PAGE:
Since its release, Minecraft has become that doorway for a great many players of all ages and demographics, especially those that might not label themselves as a “gamer.” Like Farmville or Candy Crush, it is entry-level gaming. Minecraft is casual; there are no explosions or politics or machismo-heavy protagonists. You are in control of its world and it is only as difficult as you want to make it.
What Microsoft has essentially done is buy a very popular doorway. As new players enter the world of video games through Minecraft, either in its current or possible future versions, Microsoft will now be the doorman ushering that player into its game room instead of the competition’s.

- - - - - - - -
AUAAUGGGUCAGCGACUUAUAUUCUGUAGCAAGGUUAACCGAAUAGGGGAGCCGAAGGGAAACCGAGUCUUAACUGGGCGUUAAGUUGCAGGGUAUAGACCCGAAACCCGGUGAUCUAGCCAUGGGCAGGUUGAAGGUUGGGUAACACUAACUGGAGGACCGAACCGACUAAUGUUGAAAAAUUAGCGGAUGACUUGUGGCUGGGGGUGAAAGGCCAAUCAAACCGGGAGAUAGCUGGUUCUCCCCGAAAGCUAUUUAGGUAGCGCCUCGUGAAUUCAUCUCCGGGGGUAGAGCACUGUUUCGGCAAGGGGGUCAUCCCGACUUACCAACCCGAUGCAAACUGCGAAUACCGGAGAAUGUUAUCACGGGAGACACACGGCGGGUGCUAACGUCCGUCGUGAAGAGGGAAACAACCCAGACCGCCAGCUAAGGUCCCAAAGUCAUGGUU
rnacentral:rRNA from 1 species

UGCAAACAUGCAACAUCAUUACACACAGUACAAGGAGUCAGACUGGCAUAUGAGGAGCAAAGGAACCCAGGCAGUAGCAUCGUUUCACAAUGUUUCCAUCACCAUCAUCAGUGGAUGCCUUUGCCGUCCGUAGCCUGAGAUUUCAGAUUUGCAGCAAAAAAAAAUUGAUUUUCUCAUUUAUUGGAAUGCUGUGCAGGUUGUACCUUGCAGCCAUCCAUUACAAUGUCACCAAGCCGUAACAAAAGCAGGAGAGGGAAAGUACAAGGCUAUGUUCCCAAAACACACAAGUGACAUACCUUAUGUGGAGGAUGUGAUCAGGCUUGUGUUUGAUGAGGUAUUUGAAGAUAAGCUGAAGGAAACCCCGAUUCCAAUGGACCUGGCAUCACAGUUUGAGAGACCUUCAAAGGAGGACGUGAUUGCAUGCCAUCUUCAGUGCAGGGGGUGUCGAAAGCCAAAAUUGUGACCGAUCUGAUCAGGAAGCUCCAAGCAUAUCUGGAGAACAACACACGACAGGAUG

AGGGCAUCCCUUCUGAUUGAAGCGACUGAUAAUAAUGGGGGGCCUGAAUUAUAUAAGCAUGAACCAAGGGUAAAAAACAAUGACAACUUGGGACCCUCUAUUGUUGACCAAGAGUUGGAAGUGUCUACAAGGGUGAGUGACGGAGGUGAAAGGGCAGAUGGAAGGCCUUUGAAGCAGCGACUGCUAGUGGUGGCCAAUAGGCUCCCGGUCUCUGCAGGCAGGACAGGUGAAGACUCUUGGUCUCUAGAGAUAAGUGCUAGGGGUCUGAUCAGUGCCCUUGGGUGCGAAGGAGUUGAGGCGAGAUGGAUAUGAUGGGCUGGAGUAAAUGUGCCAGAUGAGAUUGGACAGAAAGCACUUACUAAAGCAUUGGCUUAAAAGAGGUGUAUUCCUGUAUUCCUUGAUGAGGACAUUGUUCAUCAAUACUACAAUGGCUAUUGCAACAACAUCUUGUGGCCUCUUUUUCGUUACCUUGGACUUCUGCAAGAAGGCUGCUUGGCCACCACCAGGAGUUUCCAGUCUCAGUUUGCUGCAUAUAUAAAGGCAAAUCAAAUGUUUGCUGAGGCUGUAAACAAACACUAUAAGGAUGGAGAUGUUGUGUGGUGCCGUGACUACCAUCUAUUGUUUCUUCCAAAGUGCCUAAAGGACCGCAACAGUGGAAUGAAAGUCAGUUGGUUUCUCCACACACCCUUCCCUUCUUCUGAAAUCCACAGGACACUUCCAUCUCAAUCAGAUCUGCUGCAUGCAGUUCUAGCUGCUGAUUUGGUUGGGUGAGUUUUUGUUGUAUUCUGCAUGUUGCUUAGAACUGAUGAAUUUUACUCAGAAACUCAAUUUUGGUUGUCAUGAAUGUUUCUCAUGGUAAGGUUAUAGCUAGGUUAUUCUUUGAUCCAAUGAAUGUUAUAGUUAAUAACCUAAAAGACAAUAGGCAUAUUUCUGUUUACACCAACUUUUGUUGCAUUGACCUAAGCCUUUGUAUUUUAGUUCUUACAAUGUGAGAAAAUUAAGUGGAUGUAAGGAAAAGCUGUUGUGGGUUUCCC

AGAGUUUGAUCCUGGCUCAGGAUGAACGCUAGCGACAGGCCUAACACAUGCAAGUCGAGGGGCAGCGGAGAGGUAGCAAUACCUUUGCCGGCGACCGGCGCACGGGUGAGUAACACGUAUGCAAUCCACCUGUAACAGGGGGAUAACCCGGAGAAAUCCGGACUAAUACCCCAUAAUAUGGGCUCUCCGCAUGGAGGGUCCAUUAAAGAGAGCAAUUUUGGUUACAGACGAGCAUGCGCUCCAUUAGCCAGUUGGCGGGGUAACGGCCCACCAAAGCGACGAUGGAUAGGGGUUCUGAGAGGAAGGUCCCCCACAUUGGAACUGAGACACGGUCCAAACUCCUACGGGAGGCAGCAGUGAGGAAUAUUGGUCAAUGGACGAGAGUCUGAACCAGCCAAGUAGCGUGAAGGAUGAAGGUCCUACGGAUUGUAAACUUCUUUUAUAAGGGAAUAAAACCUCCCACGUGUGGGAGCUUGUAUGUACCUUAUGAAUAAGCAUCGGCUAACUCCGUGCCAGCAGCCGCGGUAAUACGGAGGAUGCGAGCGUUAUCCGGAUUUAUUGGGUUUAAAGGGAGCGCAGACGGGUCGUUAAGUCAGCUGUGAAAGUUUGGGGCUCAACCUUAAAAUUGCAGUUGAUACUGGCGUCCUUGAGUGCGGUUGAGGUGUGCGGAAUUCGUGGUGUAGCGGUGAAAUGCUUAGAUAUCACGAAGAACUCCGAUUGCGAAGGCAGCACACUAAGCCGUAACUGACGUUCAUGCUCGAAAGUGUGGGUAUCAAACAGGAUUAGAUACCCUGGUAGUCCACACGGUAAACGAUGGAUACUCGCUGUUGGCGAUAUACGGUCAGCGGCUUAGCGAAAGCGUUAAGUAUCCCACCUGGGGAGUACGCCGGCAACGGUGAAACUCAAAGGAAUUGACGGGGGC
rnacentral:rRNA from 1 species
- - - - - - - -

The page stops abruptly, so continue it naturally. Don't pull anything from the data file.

Photo Credit: Miles Willis/Getty Images for Ascot Racecourse
This summary has only scratched the very surface of Minecraft. It isn’t so much of a game as a platform upon which an infinity of games live… some of which do involve explosions, politics and all the rest.
I can’t believe I’m too lazy to go buy a microwave but I’m not too lazy to knit a tea cosy so my tea doesn’t go cold so fast.
I will pick knitting over shopping every day of the week… to the point where when my son made a word cloud about me int included ‘non-shopper’. Eventually we need things (like yarn and food) so we go and get it done.
Alex, you can live a long time without a microwave! I refuse to get one for the country, and at home the microwave lives in the basement for popcorn use only.